Sorry but it's coming from someone that was known for years as the roving toolbox. All my friends went out to play
, I was stuck at home carrying the water..... as it were.
sign on the radio was Rogue I, still is in many ways careerwise in that I'm never a part of a crew. I was most often indipendant party in fixing anything but taking pride in traveling heavy. This back than after the crews did the main part of the work of which my crew most often set records in getting stuff done fastest - that time afterwards when most would be distributing tables or un-loading trucks, I was wandering about fixing deadbolt locks or doing other special projects.
Should some day - if you do become that Rogue tech person status and on the professional level
- by choice than perhaps in needing to be able to do anything perhaps it's time to reconsider. Not something I recommend unless walking around a park
all day at times a half mile from a fresh battery or more drywall screws with a few million people between you and getting into your golf cart to drive back for more supplies. That's why I started traveling heavy as I hated walking back for gear, much less you set a tool down like a screw gun and turn your back and it very likely would be stolen. Most of us traveled fairly heavy those days and we even had bumper
mounted tool boxes for our cushman carts. I just traveled a bit
more heavy than most where they had a crew to carry 5gal. buckets full of batteries and spare parts.
I am of course wrong, in your option for this vest having been a very good idea. I just wanted to caution you against what I became known for. I had been many years the butt
of jokes even if useful. First be useful, than by choice be that butt
of the joke.
Let's see in my day (as it were), I had a black military style tool belt with linesmens pliers holster, ring for 22oz hammer, electrician's pouch for various screw drivers, wrenches and ready access things such as a utility knife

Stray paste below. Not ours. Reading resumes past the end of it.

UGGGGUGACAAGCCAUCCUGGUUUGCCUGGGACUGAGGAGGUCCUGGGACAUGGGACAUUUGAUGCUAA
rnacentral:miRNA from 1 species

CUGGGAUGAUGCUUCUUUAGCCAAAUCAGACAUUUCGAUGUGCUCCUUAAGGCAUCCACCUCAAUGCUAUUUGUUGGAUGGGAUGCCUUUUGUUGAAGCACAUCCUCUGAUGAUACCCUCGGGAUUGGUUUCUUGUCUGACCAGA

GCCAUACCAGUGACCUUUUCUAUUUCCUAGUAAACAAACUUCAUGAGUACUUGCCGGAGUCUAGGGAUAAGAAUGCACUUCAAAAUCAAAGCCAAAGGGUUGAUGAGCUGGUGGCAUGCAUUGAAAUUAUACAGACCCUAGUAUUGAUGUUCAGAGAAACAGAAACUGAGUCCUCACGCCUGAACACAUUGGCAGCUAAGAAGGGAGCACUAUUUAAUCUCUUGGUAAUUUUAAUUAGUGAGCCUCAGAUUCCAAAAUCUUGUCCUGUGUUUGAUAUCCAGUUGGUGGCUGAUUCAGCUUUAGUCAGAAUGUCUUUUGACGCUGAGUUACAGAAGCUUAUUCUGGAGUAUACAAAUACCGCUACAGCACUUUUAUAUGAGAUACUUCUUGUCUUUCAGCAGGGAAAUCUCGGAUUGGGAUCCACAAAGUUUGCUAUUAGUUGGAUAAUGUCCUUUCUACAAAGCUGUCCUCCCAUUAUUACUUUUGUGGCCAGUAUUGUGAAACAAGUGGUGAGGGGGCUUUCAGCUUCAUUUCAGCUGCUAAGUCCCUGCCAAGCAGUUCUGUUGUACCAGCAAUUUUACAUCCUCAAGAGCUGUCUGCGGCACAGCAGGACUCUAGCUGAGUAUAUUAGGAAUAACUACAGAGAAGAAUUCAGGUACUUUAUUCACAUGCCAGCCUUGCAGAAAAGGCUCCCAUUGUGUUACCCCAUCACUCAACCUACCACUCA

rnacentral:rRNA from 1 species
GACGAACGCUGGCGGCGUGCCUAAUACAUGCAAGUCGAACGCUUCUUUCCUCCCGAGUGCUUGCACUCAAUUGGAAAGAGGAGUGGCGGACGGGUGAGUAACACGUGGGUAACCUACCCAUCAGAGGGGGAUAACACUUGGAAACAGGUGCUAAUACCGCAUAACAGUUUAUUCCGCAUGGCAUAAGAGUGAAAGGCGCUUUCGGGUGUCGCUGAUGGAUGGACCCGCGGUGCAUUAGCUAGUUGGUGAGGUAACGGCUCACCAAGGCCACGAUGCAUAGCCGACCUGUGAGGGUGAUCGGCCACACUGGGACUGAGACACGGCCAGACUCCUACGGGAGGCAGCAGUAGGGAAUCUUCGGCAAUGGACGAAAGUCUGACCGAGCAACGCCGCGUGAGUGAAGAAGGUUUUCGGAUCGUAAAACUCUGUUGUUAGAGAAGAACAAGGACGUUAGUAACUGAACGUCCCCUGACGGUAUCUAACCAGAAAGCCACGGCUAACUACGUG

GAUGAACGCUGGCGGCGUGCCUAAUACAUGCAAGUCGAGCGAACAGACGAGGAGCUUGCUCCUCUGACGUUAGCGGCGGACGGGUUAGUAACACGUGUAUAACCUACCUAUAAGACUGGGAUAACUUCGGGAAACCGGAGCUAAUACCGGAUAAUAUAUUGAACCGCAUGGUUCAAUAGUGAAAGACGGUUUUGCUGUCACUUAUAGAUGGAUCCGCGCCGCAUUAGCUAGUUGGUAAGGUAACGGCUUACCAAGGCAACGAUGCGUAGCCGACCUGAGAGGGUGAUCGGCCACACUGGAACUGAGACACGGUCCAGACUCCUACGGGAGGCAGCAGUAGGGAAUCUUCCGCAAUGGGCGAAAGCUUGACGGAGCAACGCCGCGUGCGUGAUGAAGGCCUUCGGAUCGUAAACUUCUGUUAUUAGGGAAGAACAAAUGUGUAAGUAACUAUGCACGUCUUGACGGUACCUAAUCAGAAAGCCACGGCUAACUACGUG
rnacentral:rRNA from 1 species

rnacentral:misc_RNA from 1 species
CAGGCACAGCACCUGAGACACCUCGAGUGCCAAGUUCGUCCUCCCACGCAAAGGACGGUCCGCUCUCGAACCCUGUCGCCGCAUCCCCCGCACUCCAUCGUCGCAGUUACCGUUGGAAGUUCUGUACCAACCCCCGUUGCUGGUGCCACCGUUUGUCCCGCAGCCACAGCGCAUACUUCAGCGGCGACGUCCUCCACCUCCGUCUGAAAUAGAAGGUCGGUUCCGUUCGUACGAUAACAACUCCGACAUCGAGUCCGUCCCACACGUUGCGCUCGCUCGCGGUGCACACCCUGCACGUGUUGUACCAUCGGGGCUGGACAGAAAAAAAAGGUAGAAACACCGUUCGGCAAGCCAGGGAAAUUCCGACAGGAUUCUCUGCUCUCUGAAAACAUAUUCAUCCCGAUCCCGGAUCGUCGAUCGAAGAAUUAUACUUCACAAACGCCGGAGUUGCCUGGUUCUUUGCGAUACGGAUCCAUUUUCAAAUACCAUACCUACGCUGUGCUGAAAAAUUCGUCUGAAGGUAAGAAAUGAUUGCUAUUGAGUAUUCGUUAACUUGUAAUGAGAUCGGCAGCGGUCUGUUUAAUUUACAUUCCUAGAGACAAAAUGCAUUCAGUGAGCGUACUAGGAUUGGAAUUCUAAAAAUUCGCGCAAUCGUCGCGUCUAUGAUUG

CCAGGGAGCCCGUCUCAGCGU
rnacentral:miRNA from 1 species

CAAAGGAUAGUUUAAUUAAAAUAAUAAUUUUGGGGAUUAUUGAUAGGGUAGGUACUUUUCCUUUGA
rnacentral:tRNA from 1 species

speed square, reinforced Wagner Power
scraper with knife like chisel edge
and torpedo level
, a padded camera lens
pouch for screws, and my military butt
pack which had two extra batteries, stuff like plumbers tape
, spare scenery bolts, tie wire
, cable ties, duct tape
, #10 fender washers, 14.4v battery system
based xenon flash light, mini pry bar, extra saw blade and screw gun tips, etc
. and a shoulder holster for my cordless drill. This in addition to the cordless saw on a shoulder strap.
It was all "well distributed" though the belt itself probably weighed 30# and by the end of the day taking my boots off was a good thing. Though I had military suspenders/harness for it, I never used them.
I was still in shape from the days in the military where I would be using my butt
pack to carry at times a poncho, almost a day's worth or rations (sometimes stuck in long crew chief meetings) socks, etc
. in addition to the normal combat loading of first aid, gun magazines and water. Only major difference was lack of suspenders and body armor, much less the local police probably would not want my shoulder strap mounted K-Bar with compass
case attached as a part of my work gear - though it would be an awsome rope cutter. All in all, a good 12 years of me traveling heavy between the military and next six years in working special events.
Took many years to lighten my load, granted my road
box weighs well over 3/4 ton now thus it sits up on blocks so the casters don't get a flat
spot on them. Normally in the shop I just have the Nextel and a folding utility knife
Used to be when I started traveling lighter, (as a stage
electrician instead of a carpenter) back than I had a 1" webbing
belt with 16' tape measure, linesemens pliers, camera case (like a chulk case for repelling but it closes and has seperations) for various parts and black Bucket Buddy pouch for the Fluke 1AC voltage
sniffer, electrician's scissors
, silver and black sharpee, aluminum encased pen, Leatherman, Mag Light, 8" Insulated C-Wrench
, and Shop keys. This also a tape fob
Than as needed: Conduit
Pliers, Wire Strippers
, Dikes, philips, and two flat
head screw drivers would fit into the pouch. I wear it now only when I'm on a project away from my work table - such as in a semi-trailer in wiring it up for display purposes. Granted most of my work comes to see me or I'll either walk to my work area for tools or use what's laying around.
In any case, traveling light allows me to travel light. While I'm not on shows, traveling light still has it's advantages in if nothing else you don't get as warn down by carying all those tools all day long in a long day.
Hope it helps. I do hate to post about something that would be the best solution, but I also remember the days of traveling heavy both as necessity and out of coolness in me automatically having it but also being the but of most jokes when it came to roaving tool box type jokes.